Islip Supervisor Angie Carpenter on Thursday spoke of the town’s improved finances and her belief in a brighter future in her annual State of the Town speech.
She focused on a March report by Moody’s Investors Service ratings agency that upgraded the town’s general obligation debt rating from Aa1 to AAA with a stable outlook.
“This upgrade by Moody’s in the Town of Islip’s bond rating is very reassuring, and certainly affirms that the policies and procedures that were put into place when I took on the responsibility of this office last year are working,” she said in her speech at Town Hall in Islip.
Carpenter also praised the work of her team of commissioners and town officials, many of whom were newly appointed or reassigned in the past year.
New or reassigned commissioners include the Department of Environmental Conservation’s James Heil; Thomas Owens, who now oversees both the Department of Parks, Recreation and Cultural Affairs and the Department of Public Works; and the Planning Department’s Ronald Meyer. On Tuesday, the town board approved the appointment of Shelley LaRose Arken as the new Commissioner of Aviation and Transportation to lead the town-owned Long Island MacArthur Airport. New and reassigned town officials include Town Assessor Anne Danziger and Town Attorney Mea Knapp.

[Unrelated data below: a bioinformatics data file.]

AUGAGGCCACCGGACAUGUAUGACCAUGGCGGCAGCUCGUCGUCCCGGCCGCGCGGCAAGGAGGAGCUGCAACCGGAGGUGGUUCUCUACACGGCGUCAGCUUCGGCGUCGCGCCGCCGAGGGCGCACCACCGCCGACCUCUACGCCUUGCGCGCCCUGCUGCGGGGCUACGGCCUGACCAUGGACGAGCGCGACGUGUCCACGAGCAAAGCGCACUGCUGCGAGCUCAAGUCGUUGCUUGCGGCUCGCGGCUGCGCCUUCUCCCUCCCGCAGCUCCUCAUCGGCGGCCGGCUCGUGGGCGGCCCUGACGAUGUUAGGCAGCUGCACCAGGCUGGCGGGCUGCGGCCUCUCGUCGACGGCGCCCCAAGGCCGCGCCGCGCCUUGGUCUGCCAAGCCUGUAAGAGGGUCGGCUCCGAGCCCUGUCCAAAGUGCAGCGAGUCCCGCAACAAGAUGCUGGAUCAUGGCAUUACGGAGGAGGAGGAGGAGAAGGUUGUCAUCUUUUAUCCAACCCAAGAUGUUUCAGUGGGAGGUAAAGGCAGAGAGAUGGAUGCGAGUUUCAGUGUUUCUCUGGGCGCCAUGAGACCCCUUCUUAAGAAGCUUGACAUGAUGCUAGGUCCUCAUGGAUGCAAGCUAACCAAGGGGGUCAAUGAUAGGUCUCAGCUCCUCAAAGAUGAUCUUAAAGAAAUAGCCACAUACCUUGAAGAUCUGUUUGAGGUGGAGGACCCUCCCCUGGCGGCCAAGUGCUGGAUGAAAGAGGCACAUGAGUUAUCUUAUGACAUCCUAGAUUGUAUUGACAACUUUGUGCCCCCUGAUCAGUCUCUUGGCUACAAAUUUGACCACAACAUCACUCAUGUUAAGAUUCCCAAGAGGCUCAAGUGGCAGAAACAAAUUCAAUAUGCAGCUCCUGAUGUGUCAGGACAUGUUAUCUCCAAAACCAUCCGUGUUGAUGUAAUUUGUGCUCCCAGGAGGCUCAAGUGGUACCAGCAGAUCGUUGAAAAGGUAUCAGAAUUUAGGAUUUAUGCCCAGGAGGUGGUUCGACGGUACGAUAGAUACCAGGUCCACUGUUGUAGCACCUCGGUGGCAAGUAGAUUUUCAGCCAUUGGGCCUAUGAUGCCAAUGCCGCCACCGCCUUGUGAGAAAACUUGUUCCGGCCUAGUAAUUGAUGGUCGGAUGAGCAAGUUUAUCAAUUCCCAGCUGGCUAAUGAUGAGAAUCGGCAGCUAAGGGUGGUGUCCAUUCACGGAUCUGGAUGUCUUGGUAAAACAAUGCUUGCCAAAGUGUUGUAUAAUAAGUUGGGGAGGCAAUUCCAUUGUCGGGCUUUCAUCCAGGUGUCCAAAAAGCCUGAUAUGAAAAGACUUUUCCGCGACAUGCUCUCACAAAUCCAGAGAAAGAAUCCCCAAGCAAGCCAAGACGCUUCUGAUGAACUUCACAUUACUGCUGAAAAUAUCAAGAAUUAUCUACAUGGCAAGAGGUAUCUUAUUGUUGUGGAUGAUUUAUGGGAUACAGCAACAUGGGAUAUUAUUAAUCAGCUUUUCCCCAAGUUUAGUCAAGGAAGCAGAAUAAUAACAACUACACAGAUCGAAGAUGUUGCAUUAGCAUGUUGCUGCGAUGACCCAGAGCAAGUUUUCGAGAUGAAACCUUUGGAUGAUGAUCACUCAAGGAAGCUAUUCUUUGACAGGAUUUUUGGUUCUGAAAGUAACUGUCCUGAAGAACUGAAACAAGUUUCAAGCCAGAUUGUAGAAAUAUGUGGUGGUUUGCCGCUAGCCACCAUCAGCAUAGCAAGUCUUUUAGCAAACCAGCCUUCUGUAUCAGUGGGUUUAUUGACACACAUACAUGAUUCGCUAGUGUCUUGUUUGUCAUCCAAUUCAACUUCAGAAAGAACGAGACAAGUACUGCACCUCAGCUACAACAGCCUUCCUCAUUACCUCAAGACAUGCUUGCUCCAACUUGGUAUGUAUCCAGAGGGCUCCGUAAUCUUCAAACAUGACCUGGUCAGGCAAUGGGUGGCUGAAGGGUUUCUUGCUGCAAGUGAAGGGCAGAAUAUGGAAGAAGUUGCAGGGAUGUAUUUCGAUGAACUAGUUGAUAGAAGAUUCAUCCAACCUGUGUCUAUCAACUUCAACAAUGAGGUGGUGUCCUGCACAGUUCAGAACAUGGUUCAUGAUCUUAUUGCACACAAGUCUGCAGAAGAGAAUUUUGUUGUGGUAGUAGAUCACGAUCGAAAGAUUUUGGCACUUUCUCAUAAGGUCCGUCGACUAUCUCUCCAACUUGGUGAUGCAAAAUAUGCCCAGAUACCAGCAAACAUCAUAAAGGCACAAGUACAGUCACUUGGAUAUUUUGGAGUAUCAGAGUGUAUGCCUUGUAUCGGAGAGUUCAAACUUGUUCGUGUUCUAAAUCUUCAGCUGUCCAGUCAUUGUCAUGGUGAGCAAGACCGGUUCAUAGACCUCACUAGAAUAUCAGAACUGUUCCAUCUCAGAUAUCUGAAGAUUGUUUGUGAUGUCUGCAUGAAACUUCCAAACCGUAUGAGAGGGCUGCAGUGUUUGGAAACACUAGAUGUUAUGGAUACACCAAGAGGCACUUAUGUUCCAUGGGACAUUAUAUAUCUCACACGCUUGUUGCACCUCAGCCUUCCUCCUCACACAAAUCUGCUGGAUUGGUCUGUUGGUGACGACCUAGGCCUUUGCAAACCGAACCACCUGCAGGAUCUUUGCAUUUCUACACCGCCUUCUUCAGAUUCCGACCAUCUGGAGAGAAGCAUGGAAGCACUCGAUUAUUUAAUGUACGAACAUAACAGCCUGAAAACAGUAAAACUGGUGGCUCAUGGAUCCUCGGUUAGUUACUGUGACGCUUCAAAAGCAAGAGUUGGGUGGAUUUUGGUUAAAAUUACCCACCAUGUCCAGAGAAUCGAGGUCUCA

Carpenter said the town’s budget has remained under the state tax cap and residents this year were paying a 1.58 percent tax increase. She also hailed increased activity among local real estate and construction markets as a sign of economic health. “A total of 8,812 building permits were issued in 2015, an increase of 8 percent over 2014 and this year is trending upward,” she said.
She touched on developments at LIMA, with state and Suffolk County support to build a customs facility for commercial flights, and two new airlines slated to begin service out of the airport in Ronkonkoma.
Carpenter also referred to the status of the cleanup from the dumping scandal at Brentwood’s Roberto Clemente Park, where tens of thousands of tons of contaminated fill was discovered on the soccer field and a recharge basin.
“A very high priority for the town is the reopening of Roberto Clemente Park in Brentwood. We have formed an advisory committee of community residents, as we await approval from the NYS DEC so that we can move forward with the restoration of Roberto Clemente Park,” she said, referring to the state Department of Environmental Conservation.
She did not mention the town’s efforts to recoup the costs of the cleanup with a $4 million federal racketeering suit against more than three dozen people and companies the town said had joined together to unlawfully dump the debris.